harper = X.loc[ix]
print("Harper's unique data point:")
Harper's unique data point:
     baseline  un_continent_name[T.Americas]  un_continent_name[T.Asia] ...  start_year  T  E
268       1.0                            1.0                        0.0 ...      2006.0  3  0
ax = plt.subplot(2,1,1)

ax = plt.subplot(2,1,2)


Because of the nature of the model, estimated survival functions of individuals can increase. This is an expected artifact of Aalen’s additive model.

Cox’s Time Varying Proportional Hazard model


This implementation is still experimental.

Often an individual will have a covariate change over time. An example of this is hospital patients who enter the study and, at some future time, may recieve a heart transplant. We would like to know the effect of the transplant, but we cannot condition on whether they recieved the transplant naively. Consider that if patients needed to wait at least 1 year before getting a transplant, then everyone who dies before that year is considered as a non-transplant patient, and hence this would overestimate the hazard of not recieving a transplant.

We can incorporate changes over time into our survival analysis by using a modification of the Cox model above. The general mathematical description is:

\[\lambda(t | x) = \overbrace{b_0(t)}^{\text{baseline}}\underbrace{\exp \overbrace{\left(\sum_{i=1}^n \beta_i (x_i(t) - \overline{x_i}) \right)}^{\text{log-partial hazard}}}_ {\text{partial hazard}}\]

Note the time-varying \(x_i(t)\) to denote that covariates can change over time. This model is implemented in lifelines as CoxTimeVaryingFitter. The dataset schema required is different than previous models, so we will spend some time describing this.

Dataset creation for time-varying regression

Lifelines requires that the dataset be in what is called the long format. This looks like one row per state change, including an ID, the left (exclusive) time point, and right (inclusive) time point. For example, the following dataset tracks three unique subjects.

id start stop group z event
1 0 8 1 0 False
2 0 5 0 0 False
2 5 8 0 1 True
3 0 3 1 0 False
3 3 12 1 1 True

5 rows × 6 columns

In the above dataset, start and stop denote the boundaries, id is the unique identifier per subject, and event denotes if the subject died at the end of that period. For example, subject ID 2 had variable z=0 up to and including the end of time period 5 (we can think that measurements happen at end of the time period), after which it was set to 1. Since event is 1 in that row, we conclude that the subject died at time 8,

This desired dataset can be built up from smaller datasets. To do this we can use some helper functions provided in lifelines. Typically, data will be in a format that looks like it comes out of a relational database. You may have a “base” table with ids, durations alive, and a censorsed flag, and possibly static covariates. Ex:

id duration event var1
1 10 True 0.1
2 12 False 0.5

2 rows × 4 columns

We will perform a light transform to this dataset to modify it into the “long” format.

from lifelines.utils import to_long_format

base_df = to_long_format(base_df, duration_col="duration")

The new dataset looks like:

id start stop var1 event
1 0 10 0.1 True
2 0 12 0.5 False

2 rows × 5 columns

You’ll also have secondary dataset that references future measurements. This could come in two “types”. The first is when you have a variable that changes over time (ex: administering varying medication over time, or taking a tempature over time). The second types is an event-based dataset: an event happens at some time in the future (ex: an organ transplant occurs, or an intervention). We will address this second type later. The first type of dataset may look something like:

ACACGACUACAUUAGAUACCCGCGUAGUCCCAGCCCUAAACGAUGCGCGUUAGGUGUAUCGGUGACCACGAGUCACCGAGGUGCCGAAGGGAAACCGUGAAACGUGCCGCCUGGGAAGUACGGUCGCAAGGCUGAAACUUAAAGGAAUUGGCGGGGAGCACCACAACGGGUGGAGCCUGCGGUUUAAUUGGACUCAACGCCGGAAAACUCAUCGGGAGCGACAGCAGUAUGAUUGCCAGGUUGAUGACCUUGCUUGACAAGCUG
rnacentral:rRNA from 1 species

id time var2
1 0 1.4
1 4 1.2
1 8 1.5
2 0 1.6

4 rows × 3 columns

where time is the duration from the entry event. Here we see subject 1 had a change in their var2 covariate at the end of time 4 and at the end of time 8. We can use add_covariate_to_timeline to fold the covariate dataset into the original dataset.

from lifelines.utils import add_covariate_to_timeline

df = add_covariate_to_timeline(base_df, cv, duration_col="time", id_col="id", event_col="event")
id start stop var1 var2 event
1 0 4 0.1 1.4 False
1 4 8 0.1 1.2 False
1 8 10 0.1 1.5 True
2 0 12 0.5 1.6 False

4 rows × 6 columns

From the above output, we can see that subject 1 changed state twice over the observation period, finally expiring at the end of time 10. Subject 2 was a censored case, and we lost track of them after time 12.

You may have multiple covariates you wish to add, so the above could be streamlined like so:

from lifelines.utils import add_covariate_to_timeline

df = base_df.pipe(add_covariate_to_timeline, cv1, duration_col="time", id_col="id", event_col="event")\
            .pipe(add_covariate_to_timeline, cv2, duration_col="time", id_col="id", event_col="event")\
            .pipe(add_covariate_to_timeline, cv3, duration_col="time", id_col="id", event_col="event")

If your dataset is of the second type, that is, event-based, your dataset may look something like the following, where values in the matrix denote times since the subject’s birth, and None or NaN represent the event not happening (subjects can be excluded if the event never occurred as well) :


    id    E1
0   1     1.0
1   2     NaN
2   3     3.0

Initially, this can’t be added to our baseline dataframe. However, using utils.covariates_from_event_matrix we can convert a dataframe like this into one that can be easily added.

from lifelines.utils import covariates_from_event_matrix